Lefkosia (Nicosia) and its surrounding region combines the heartbeat of the island’s commercial and businesses centre with an interesting past, and rural areas where escape is possible in naturally beautiful, green environs.
The capital itself is steeped in history and culture, with a charming old city surrounded by massive Venetian walls, and the island’s largest concentration of museums, art galleries and religious and historical monuments, that all tell wonderful stories of the island through the ages.
Leaving the busy capital behind, the region then expands to the countryside, where a different side unfolds amidst orchards and olives groves, forests and hillsides.
Visitors will encounter the ruins of two rich city-kingdoms that also form part of the Lefkosia region; those of Tamassos and Idalion (both south of Lefkosia).
Tamassos was built near an important copper mine and prospered greatly during Roman times - when Cyprus was famous for its copper. At the site of Idalion, there is a museum with chronological exhibits from excavations of the area.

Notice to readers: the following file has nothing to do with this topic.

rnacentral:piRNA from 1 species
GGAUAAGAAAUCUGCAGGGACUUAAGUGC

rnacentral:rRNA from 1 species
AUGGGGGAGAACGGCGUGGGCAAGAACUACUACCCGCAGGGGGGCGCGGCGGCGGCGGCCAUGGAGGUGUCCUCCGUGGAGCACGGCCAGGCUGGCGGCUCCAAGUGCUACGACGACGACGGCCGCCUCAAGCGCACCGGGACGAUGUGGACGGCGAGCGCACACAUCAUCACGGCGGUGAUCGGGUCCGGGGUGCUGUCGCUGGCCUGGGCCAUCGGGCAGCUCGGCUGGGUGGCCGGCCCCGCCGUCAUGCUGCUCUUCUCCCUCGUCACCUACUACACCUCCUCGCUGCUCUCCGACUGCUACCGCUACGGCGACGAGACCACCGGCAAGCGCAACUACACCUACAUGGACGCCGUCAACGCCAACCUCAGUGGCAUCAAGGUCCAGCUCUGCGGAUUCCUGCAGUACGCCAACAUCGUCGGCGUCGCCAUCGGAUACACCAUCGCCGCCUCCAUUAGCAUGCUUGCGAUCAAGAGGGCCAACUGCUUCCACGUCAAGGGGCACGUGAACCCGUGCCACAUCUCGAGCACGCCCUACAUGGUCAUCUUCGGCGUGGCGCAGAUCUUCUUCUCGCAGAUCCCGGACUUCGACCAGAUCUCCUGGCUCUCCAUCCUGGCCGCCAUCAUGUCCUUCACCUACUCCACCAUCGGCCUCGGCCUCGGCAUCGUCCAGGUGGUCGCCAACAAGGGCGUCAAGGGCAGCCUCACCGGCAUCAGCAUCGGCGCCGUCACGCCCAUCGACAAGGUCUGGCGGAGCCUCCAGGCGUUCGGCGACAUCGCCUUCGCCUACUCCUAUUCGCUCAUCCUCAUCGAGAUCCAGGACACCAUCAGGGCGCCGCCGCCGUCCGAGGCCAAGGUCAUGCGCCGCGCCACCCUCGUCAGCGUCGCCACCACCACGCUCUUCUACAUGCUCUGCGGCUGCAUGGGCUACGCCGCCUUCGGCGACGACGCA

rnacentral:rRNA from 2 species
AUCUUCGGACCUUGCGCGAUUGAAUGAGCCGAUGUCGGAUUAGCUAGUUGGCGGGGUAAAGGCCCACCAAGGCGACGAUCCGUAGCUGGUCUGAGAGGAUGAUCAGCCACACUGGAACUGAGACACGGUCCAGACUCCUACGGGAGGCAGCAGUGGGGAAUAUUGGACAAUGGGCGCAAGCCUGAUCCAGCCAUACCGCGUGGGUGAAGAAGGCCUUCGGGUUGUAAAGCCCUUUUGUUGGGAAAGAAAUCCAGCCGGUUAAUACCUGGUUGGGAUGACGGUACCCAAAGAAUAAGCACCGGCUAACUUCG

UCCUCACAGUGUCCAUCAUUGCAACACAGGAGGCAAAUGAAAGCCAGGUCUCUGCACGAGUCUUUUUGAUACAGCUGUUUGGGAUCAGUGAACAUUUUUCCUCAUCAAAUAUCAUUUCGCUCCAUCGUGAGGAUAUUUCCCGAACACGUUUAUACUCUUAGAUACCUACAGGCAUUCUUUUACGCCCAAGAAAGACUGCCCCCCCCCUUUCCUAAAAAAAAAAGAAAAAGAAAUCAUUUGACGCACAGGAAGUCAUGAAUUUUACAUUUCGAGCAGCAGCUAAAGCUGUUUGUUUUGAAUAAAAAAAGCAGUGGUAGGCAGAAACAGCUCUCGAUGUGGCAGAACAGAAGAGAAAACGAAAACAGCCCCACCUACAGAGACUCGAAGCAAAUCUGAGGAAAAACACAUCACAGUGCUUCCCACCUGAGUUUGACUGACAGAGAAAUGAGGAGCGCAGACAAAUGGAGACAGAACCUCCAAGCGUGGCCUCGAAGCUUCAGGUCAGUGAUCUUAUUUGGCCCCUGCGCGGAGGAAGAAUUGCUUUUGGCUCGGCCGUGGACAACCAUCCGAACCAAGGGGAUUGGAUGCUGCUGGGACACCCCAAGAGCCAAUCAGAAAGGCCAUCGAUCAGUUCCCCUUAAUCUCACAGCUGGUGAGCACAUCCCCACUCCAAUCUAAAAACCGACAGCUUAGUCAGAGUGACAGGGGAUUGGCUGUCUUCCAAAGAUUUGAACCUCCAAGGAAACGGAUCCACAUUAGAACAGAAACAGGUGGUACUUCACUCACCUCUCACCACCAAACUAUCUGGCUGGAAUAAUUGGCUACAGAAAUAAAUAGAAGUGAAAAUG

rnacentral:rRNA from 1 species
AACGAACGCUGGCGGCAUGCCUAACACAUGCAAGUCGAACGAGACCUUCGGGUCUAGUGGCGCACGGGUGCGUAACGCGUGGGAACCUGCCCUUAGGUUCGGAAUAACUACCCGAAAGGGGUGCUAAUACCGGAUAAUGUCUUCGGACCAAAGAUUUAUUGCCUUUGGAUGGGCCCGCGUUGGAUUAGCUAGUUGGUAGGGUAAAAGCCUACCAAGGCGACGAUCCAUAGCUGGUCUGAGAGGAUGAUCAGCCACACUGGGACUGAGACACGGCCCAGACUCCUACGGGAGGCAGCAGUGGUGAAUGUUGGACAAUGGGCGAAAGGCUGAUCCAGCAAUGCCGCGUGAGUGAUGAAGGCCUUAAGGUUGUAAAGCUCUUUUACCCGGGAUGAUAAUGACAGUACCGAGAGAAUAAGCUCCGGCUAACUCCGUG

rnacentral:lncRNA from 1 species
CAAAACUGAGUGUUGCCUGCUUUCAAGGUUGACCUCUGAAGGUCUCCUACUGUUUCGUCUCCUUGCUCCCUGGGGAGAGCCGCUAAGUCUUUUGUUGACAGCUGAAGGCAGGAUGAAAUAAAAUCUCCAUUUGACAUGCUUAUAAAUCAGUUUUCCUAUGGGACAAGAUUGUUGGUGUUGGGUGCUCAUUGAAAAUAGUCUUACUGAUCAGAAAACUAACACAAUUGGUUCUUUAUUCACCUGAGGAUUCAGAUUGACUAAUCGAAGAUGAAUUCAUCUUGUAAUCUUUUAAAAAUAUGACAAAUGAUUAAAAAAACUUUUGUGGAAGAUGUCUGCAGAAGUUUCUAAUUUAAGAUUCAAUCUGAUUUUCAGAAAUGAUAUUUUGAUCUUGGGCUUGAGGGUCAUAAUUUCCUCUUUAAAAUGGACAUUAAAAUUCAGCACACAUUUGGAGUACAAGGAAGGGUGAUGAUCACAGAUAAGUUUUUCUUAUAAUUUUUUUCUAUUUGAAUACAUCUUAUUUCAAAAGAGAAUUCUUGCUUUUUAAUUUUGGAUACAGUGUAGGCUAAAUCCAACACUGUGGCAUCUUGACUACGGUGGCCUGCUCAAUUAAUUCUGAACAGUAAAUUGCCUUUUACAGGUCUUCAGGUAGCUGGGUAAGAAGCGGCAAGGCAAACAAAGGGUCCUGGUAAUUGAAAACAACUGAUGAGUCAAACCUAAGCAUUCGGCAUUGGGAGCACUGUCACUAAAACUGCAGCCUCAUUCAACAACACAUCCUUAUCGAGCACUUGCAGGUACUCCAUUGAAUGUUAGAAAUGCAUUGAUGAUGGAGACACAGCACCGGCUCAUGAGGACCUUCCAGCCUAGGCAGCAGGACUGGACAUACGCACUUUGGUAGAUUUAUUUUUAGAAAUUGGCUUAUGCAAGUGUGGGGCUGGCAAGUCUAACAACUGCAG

Stretching up into the pine forest of the Machairas mountains, the scenery becomes more and more picturesque, with significant sights, such as the ancient Machairas monastery and Agios Irakleidios Convent, where the relics of the saint are kept inside the church.
There are also an abundance of quaint, mountainous villages that form part of the rural areas of the region, with their cobbled streets and preserved stone and adobe houses, offering a glimpse of village life in Cyprus. Worth visiting is the village of Fikardou, which has been declared a national monument, and was awarded the Europa Nostra award in 1987 for its carefully restored 18th century houses with their remarkable woodwork and folk architecture. Other interesting villages include Alona, Prodromos, Pedoulas, Kakopetria and Palaichori.
Offering the best of two worlds; that of vibrant capital, and also of rural retreat, the two ‘faces’ of the region of Lefkosia are both equally beguiling.